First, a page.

Christmas Night, Coming as a Servant:
Winter Weather, Sacrificial Service, and George Washington
Dr. James J. S. Johnson
Choosing rather to suffer affliction with the people of God, than to enjoy the pleasures of sin for a season . . .[ Hebrews 11:25]
December, for those living in higher latitudes, means cold, snow, ice, frost, sleet, bone-chilling winds, and freezing rain. Wintry mix weather dominated Christmas night, in A.D.1776, when General George Washington and his boat-ferried troops crossed the Delaware River, to surprise the British and Hessian mercenary forces encamped in Trenton.(1)
It was freezing cold, with “nor’easter” winds blasting the night in what felt like, to one soldier, a “hurricane”. The sneak attack was brazenly bold and stunningly successful—Washington’s troops quickly overran the British garrison, capturing 1000 of 1400 (and much needed supplies), while losing only three Americans.
But Washington did not need to fight this battle, or any of the war’s battles. As a plantation owner with lucrative tidewater fisheries, Washington could have conveniently “stayed home” at his Mount Vernon plantation, growing field crops (wheat, barley, corn, potatoes, oats, lima beans, tobacco, pumpkins, etc.) and netting literally millions of Potomac River-caught tidewater fish (“shad, herring, bass, carp, perch, sturgeon, etc.”).(2)
But Washington cared more for his fellow-colonists’ security and liberty, so he sacrificed convenience for selfless service.
What Washington did, at the finite and fallible level, God Himself did—by His incarnation (in what we call Christmas)—to the infinite and flawless degree, when our Creator came into His own creation, as Redeemer. — fulfilling the Messianic prophecy of Micah 5:2.
He was in the world, and the world was made by Him, and the world knew Him not. He came unto His own, and His own received him not. But as many as received Him, unto them He gave authority to become the children of God, even to those who believe on His name.[ John 1:10-12 ]
The Lord Jesus could have “stayed home”—as we, His human creatures, self-destructed on Earth. But Christ chose to leave convenience and comfort, and the glories of Heaven, to insert Himself into His own space-time creation, to redeem us from our sin and sorrows.(3)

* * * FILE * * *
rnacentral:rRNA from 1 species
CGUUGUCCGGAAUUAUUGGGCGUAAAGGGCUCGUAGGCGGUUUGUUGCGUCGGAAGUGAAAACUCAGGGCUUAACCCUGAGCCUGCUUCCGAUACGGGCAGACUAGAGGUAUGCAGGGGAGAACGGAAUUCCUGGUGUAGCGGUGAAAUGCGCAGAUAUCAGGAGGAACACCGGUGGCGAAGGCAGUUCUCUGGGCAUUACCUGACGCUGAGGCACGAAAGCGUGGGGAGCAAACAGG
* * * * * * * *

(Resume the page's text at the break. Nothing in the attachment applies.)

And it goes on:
What Christ did, about 2000 years ago, was incomparably more bold and surprising—and everlastingly impactful—than General Washington’s Christmas-night crossing of the Delaware in A.D.1776. Christ’s incarnation set history’s stage for His substitutionary crucifixion, burial, and resurrection, to provide redemption.(4)
Yet George Washington’s life also reminds us of another life-or-death benefit that Christ has given us, without which none of us could know or enjoy God, ever. Washington’s very life is illustrative proof of God’s earlier providence, centuries before, when Washington’s own family lineage was at risk, in another battle.
But what if there had been no George Washington to “father” America? … His fate was at mortal risk on October 14, A.D.1066, at the Battle of Hastings, where his own forefather the Norman duke William succeeded in conquering England. If the battle had gone the other way and William the Conqueror had died, then [William] would not have been alive to have a son named Henry (England’s Henry I), who was born two years after the Battle of Hastings. Since George Washington is a direct descendant of Henry I, Washington wouldn’t have been born [after 21 generations] roughly 700 years later.(5)[ see JJSJ quote citation below ]
Before we can appreciate Christ’s coming at Christmas, as our personal Redeemer, Christ must first be our personal Creator. That required providential orchestration of many historical events, in prior generations—otherwise we never arrive on planet Earth!
Jesus is the Reason for this season: He came as Savior. Yet also, as Creator, He providentially masters procreation, so we can be born as the exact humans we are.(5)
- Recognizing errors of logic is important in creation apologetics. To illustrate, recently some have committed the logical fallacy of over-simplification, by falsely caricaturing George Washington as something less than an American hero.
- Losing, Benson J. 1870. The Home of Washington; Or, Mount Vernon and its Associations, Historical, Biographical, and Pictorial. Hartford, CN: A. S. Hale & Company, 67-68,82-83,210. The author thanks Kevin Turley ( https://landmarkevents.org/ ) for these American history insights. See also http://www.MountVernon.org .
- Philippians 2:6-11; Hebrews 2:9-10; Micha 5:2 [numbered as 5:1 in Hebrew Bible].
- Romans 5:8; 1 Corinthians 15:3-4.
- James J. S. Johnson, “Christmas, Vikings, and the Providence of God”, Acts & Facts, 41(12):8-10 (December 2012), posted at https://www.icr.org/article/christmas-vikings-providence-god . England’s Dr. Bill Cooper provided helpful scholarship with this biogenetic research.
- Psalm 102:18.